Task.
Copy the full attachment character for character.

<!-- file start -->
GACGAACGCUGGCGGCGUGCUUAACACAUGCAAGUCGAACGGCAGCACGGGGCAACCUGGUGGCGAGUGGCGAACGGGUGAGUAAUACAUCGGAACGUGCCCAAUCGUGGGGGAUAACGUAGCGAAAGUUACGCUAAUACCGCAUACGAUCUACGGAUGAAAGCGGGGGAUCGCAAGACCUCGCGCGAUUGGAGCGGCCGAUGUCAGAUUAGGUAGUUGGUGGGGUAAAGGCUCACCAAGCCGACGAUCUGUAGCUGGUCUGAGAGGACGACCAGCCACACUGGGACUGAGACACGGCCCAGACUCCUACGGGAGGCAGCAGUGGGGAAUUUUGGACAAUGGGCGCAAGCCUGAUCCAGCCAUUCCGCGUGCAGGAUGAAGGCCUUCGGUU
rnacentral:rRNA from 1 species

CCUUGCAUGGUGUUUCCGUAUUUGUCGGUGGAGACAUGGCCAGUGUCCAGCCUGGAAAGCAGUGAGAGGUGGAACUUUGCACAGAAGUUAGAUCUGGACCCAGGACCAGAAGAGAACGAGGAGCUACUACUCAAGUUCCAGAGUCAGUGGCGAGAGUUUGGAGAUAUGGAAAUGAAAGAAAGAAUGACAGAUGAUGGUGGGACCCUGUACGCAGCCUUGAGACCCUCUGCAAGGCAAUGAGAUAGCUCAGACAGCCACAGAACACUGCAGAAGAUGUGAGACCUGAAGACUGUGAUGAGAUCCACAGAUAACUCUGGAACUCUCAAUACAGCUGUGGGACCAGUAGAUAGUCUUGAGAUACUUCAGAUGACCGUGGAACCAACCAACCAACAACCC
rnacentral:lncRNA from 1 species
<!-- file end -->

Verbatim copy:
GACGAACGCUGGCGGCGUGCUUAACACAUGCAAGUCGAACGGCAGCACGGGGCAACCUGGUGGCGAGUGGCGAACGGGUGAGUAAUACAUCGGAACGUGCCCAAUCGUGGGGGAUAACGUAGCGAAAGUUACGCUAAUACCGCAUACGAUCUACGGAUGAAAGCGGGGGAUCGCAAGACCUCGCGCGAUUGGAGCGGCCGAUGUCAGAUUAGGUAGUUGGUGGGGUAAAGGCUCACCAAGCCGACGAUCUGUAGCUGGUCUGAGAGGACGACCAGCCACACUGGGACUGAGACACGGCCCAGACUCCUACGGGAGGCAGCAGUGGGGAAUUUUGGACAAUGGGCGCAAGCCUGAUCCAGCCAUUCCGCGUGCAGGAUGAAGGCCUUCGGUU
rnacentral:rRNA from 1 species

CCUUGCAUGGUGUUUCCGUAUUUGUCGGUGGAGACAUGGCCAGUGUCCAGCCUGGAAAGCAGUGAGAGGUGGAACUUUGCACAGAAGUUAGAUCUGGACCCAGGACCAGAAGAGAACGAGGAGCUACUACUCAAGUUCCAGAGUCAGUGGCGAGAGUUUGGAGAUAUGGAAAUGAAAGAAAGAAUGACAGAUGAUGGUGGGACCCUGUACGCAGCCUUGAGACCCUCUGCAAGGCAAUGAGAUAGCUCAGACAGCCACAGAACACUGCAGAAGAUGUGAGACCUGAAGACUGUGAUGAGAUCCACAGAUAACUCUGGAACUCUCAAUACAGCUGUGGGACCAGUAGAUAGUCUUGAGAUACUUCAGAUGACCGUGGAACCAACCAACCAACAACCC
rnacentral:lncRNA from 1 species